Letters to the editor:
One Who Was Probably There in the '60s
Jack Neely's Nov. 7 piece on 1970 and the "White House" [actually on Ruth Williams' observations in the book, Younger Than That Now] brought back quite a few memories of my small part in what I'm sure will go down as a most unusual and interesting era in the city's history. I remember some of the people and events he wrote of, though my memories are somewhat different. Bearing in mind the dictum that if you claim to remember the Sixties you probably weren't there, allow me to proceed.
I first encountered Knoxville's counterculture in 1970. A young woman of whom I was quite fond had an offer to teach at the Knoxville School Corp., an alternative school for young children run by Mary Oliver at the Unitarian Church. She came to town to check it out, and as I had nothing better to do, I came too. Our friend the artist Margaret Gregg found us a place to stay, in the infamous White House. It was the first time we had deliberately spent a block of time together. The job offer came through, and we moved to Knoxville, to a three-room apartment at 1530 Highland, a stone's throw from the White House and next door to what we called the "Epworth Church."
Much of the cultural and countercultural activity in Fort Sanders at the time went on under the aegis of the Epworth Ministry. This, we were told, was an ecumenical program put together by several Protestant denominations to minister to the hippies in Fort Sanders, who clearly needed it. The ministry was given two rundown churches on 16th Street, the present Laurel Theater and the "Epworth" church on Highland, and some other properties including the White House. Two Episcopal priests ran it, Bill Daniels and Renfro Sproul. Their offices were in the Epworth Church, along with several radical organizations and Margaret Gregg's studio.
Things were chaotic at Epworth in 1970. The apartment my friend and I moved into had been occupied by a young man whom Epworth had hired to counsel youth not to use drugs. This effort came to an abrupt end when the TBI confiscated the young man for dealing, which freed up a living space just when we needed one. It proved to be a fairly calm place to live, though for a couple of months watery-eyed individuals would peck on the window at night to ask, "Hey, you got any dope, man?"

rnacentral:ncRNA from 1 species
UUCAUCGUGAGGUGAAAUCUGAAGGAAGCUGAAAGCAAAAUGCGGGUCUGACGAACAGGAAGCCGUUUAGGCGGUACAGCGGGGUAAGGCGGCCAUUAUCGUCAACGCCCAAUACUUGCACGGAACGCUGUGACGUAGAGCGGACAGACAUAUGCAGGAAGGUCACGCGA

The White House was on the other side of the church from our apartment. At the time it was indeed white, though at some point when it needed a paint job it became multi-colored; all the occupants and friends turned out for the painting, and the spirit of the age encouraged every participant toward self-expression. I remember some of the people in your articleCarroll Bible, who was pretty cogent in most conversations I had with him, and Peter Kami, the first of many foreigners I have known who seem to have a clear-eyed certainty about the realities of class and struggle that is usually denied to Americans.
There were students, activists, druggies, musicians, spaced-out Viet vets, a minister seeking to rediscover his faith, and a single mom who found in the White House some of the social support that the State of Tennessee did not offer. There were drugs aplenty. I don't remember anyone with a "harem," and if there was a lot of casual sex I somehow missed it.
What stands out instead in my memory is a great deal of creative energy. I spent the winter working with a friend from the Highlander Center on a record of coal mining songs, which led in 1971 to the first Jubilee festival. The Epworth Church was an extraordinarily good space for such a thing, with good acoustics and the sort of ambiance that allowed friends to visit at the back of the hall without disrupting the people watching the stage program.
While a lot of Epworth and the White House were reflections of a passing phase of history, the phenomenon had a surprising number of long-lived offshoots, like the Laurel School, Monday night folk dancing, and the Knoxville Old Harp Singers. Jubilee Community Arts is a direct descendant. The Laurel Theater which is its home is proof positive that the energies of the era were not all self-centered and destructive; when the structure was badly damaged by fire, many people worked long and hard to restore it to the beautiful space we know today. The concert there last month, in which Appalshop's Voices from Home project presented John McCutcheon and a number of other musicians who came together at Epworth in the early 1970's, was a reflection of an era that deserves to be remembered with some respect.
As I do on a very personal level. In 1974 my friend and I got married in the White House. It was deserted and about to be torn down, but we wanted to acknowledge the place that had been so important in our coming together. So after a dinner at the original Bahou on Forest, the wedding party moved to what was left of the infamous structure for a candlelight ceremony. The marriage has lasted a good deal longer than the house, a fact for which the house and what it represented may take some credit.